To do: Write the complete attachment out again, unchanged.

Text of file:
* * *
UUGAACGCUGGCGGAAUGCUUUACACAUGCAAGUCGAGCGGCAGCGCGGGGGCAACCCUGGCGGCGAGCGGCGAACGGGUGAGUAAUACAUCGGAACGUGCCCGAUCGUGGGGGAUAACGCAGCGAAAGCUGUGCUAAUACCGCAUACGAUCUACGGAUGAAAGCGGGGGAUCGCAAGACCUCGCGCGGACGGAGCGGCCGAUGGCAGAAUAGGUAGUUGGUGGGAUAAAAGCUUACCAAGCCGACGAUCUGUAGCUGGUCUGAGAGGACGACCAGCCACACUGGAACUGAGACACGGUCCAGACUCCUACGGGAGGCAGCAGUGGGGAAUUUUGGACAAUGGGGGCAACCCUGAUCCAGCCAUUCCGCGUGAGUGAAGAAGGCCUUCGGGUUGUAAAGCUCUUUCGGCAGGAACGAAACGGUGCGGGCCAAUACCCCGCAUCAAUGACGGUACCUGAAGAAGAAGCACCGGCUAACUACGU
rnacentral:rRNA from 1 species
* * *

UUGAACGCUGGCGGAAUGCUUUACACAUGCAAGUCGAGCGGCAGCGCGGGGGCAACCCUGGCGGCGAGCGGCGAACGGGUGAGUAAUACAUCGGAACGUGCCCGAUCGUGGGGGAUAACGCAGCGAAAGCUGUGCUAAUACCGCAUACGAUCUACGGAUGAAAGCGGGGGAUCGCAAGACCUCGCGCGGACGGAGCGGCCGAUGGCAGAAUAGGUAGUUGGUGGGAUAAAAGCUUACCAAGCCGACGAUCUGUAGCUGGUCUGAGAGGACGACCAGCCACACUGGAACUGAGACACGGUCCAGACUCCUACGGGAGGCAGCAGUGGGGAAUUUUGGACAAUGGGGGCAACCCUGAUCCAGCCAUUCCGCGUGAGUGAAGAAGGCCUUCGGGUUGUAAAGCUCUUUCGGCAGGAACGAAACGGUGCGGGCCAAUACCCCGCAUCAAUGACGGUACCUGAAGAAGAAGCACCGGCUAACUACGU
rnacentral:rRNA from 1 species